As for actual plans, it seems to be dependant on what yer looking to get out of it... it covers the following areas;

Branding and brand management; this is traditionally not the realm of the SMB as most don't have the budgets to play there.

CRM - customer relations is an area that is important to all businesses, thus using SMM to reach out and connect with consumers/users is one way SMM can be viable IMO

SEO - obviously there are implications as far as getting your company in front of more eyeballs and can often lead to SEO benefits in the form of primary and secondary links... useful, depending on the market.

Qualitative market research; this area I feel is important but very misunderstaood by most in the SMM game.... evaluating market demographics or interacting directly with consumers via SMM can sure make for a stronger offering for most companies.

Traffic/Conversions; this one, to me... is the least viable. Sure, it 'can' drive traffic and potential primary and secondary conversions... but not enough in most cases to be a primary driver of a SMM campaign.

I think that if one wants to get into SMM they really need to define their goals (based on the above) and be sure to have some form of guaging success. If yer interested I polled some SMM peeps earlier this year searching for the Value of SMM (http://www.huomah.com/Internet-Marketing/Social-Media-Marketing/the-Value-of-Social-Media-Marketing-Part-II.html)(I know U read it Steve... for the other peeps ;0)

Another good read is Maki's; Fundamentals of Social Media Marketing (http://www.doshdosh.com/fundamentals-of-social-media-marketing/)

Jack Humphrey; How to start a SMM campaign (http://www.jackhumphrey.com/fridaytrafficreport/friday-traffic-report/a-little-social-marketing-goes-a-long-way/)

..and there are a bunch more at the end of my 'Value of SMM' post... to continue the adventure.

I just figured I would ask because I know of VERY few peeps in the SMB space that are really using SMM... I have to wonder if like branding in the old days, that this is more a tool for the larger corporations...

08-13-2008, 05:25 PM
I'm with you. For me it's just a general sense of a plan if you can call it that and I see mostly the same value you do. I do notice when a post of mine does well on Sphinn or StumbleUpon that I pick up a few more subscribers than usual, but that's normal with more eyeballs and it's hardly the kind of thing you write home about.

If I did want to target a specific social site I would just spend some time there seeing what the community likes and tailor my content to have a better chance with success.

Branding - this is a lot of what it's about for me. I disagree a little that branding has to be expensive. The reach component of brand has typically cost a lot, but it's not all that branding is. Where social media comes into play is that you can extend your reach for much less money than you can through traditional media. I think you can effectively brand yourself to smaller groups of people and little by little expand that reach.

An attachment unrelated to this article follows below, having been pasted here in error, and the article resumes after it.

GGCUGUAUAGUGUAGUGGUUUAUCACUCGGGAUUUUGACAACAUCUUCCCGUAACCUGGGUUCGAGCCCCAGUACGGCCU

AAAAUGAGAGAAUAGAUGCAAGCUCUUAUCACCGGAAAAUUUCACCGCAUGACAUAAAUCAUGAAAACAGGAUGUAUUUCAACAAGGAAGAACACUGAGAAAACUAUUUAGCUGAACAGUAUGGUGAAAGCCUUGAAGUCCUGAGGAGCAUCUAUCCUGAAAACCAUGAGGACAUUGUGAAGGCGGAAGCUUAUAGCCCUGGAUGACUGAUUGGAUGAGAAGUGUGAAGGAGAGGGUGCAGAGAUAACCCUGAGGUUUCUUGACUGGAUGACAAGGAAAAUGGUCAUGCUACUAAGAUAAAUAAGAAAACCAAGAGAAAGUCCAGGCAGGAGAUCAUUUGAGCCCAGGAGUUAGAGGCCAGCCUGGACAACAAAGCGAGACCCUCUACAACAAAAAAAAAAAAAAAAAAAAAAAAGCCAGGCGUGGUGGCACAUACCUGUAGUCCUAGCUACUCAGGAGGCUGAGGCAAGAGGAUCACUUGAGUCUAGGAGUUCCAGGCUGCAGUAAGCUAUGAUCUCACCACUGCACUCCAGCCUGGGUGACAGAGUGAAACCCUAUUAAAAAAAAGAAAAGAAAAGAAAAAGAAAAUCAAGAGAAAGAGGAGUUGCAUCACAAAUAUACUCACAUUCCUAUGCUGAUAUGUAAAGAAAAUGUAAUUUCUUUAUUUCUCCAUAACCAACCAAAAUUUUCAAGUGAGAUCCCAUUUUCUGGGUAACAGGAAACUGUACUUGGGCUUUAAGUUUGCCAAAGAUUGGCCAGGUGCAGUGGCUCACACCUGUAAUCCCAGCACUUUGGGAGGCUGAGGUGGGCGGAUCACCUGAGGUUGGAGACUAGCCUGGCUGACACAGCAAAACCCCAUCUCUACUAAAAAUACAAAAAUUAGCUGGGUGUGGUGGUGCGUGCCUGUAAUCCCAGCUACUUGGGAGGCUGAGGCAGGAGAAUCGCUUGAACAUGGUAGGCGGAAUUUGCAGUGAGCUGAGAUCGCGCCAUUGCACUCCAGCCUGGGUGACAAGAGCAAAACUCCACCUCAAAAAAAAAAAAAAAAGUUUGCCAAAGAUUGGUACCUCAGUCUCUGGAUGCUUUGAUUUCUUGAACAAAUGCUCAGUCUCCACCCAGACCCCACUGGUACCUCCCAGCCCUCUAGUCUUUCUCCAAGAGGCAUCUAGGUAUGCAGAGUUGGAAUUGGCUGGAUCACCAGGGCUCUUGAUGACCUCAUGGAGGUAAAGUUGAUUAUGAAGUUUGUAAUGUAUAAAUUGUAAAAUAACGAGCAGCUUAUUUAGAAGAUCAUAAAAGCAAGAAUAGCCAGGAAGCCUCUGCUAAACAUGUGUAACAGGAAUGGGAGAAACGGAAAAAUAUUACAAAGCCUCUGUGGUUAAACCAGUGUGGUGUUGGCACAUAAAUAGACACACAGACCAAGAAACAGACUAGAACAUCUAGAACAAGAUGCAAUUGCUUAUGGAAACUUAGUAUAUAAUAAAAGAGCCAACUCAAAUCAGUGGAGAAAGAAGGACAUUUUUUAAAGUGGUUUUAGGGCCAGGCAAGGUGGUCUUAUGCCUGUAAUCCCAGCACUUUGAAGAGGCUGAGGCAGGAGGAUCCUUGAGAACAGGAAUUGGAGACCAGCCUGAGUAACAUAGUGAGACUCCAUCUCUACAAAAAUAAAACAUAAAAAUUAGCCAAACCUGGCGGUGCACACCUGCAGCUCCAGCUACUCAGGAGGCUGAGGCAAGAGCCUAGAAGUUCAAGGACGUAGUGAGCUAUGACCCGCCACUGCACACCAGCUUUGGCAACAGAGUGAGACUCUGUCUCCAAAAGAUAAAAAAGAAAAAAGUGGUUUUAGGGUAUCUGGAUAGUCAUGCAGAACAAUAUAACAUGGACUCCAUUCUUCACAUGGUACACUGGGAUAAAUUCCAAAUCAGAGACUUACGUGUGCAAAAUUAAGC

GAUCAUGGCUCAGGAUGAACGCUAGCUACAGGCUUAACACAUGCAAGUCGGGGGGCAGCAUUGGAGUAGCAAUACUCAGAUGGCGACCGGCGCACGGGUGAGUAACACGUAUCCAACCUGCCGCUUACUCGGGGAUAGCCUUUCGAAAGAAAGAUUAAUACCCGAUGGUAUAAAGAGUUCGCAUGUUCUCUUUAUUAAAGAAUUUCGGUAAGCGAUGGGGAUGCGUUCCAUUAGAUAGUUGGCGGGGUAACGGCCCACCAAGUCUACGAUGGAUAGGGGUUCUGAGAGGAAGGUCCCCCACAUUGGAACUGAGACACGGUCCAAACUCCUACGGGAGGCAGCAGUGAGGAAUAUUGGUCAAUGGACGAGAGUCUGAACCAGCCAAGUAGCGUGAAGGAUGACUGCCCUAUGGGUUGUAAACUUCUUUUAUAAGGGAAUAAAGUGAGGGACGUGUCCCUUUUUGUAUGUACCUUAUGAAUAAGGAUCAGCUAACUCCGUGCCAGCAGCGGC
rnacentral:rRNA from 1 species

CRM - I see it the same as you. Depends upon your business though. A smaller service oriented business can probably communicate more effectively through email.

SEO - I see social media more as an indirect way towards better seo. More connections and more eyeballs should lead to more links, but typically it seems to me it's more a case of the rich getting richer. However if your site consistently does well in one social site I think that improves your branding within that community which starts to improve how many links you can get.

Market Research - one of the best, though least discussed uses for social media. It's amazing what you can learn by asking a few questions or doing a little searching. I'm also finding it a quicker way to get recent news in many cases.

Traffic/Conversions - Mostly worthless from what I've seen. Sure a few extra subscribers, but not what you might expect from the traffic. Again this might work better for existing brands and if you do brand yourself with a specific social site you might get more traffic and conversions (depending on the type conversion) Not really a sales vehicle, but perhaps an entry into your site that could lead to conversions somewhere down the line. Still nearly 100% worthless as a direct sales channel.

If I were to put more of a strategy in place I would target one or two sites related to my topic. Spend time getting to know the sites and their communities and then start participating without any promotion. Submit content the community wants and has showed they liked in order to build a stronger and more visible profile.

Combine that will creating content that is tailored to the community and that you expect would do well in that community. Make voting buttons for the sites you are targeting visible on your content and contact a few friends you've made in the community to get them to start submitting your content (It'll probably happen naturally though).

The result I would expect is greater branding within a community of people interested in your topic and a stronger network of people likely to link to you without you having to ask. Ideally you'll end up with more people talking about you and more recognition of your name that can help your other marketing methods to convert better.

08-13-2008, 05:32 PM
Because of time constraints I haven't looked at it or done it at all. I also think it would require a pretty big budget to be effective for the types of things I currently do.

08-13-2008, 07:37 PM
It's less about budget and more about time. You do have to be involved and participate. It's easy for social communities to spot someone who's not being genuine.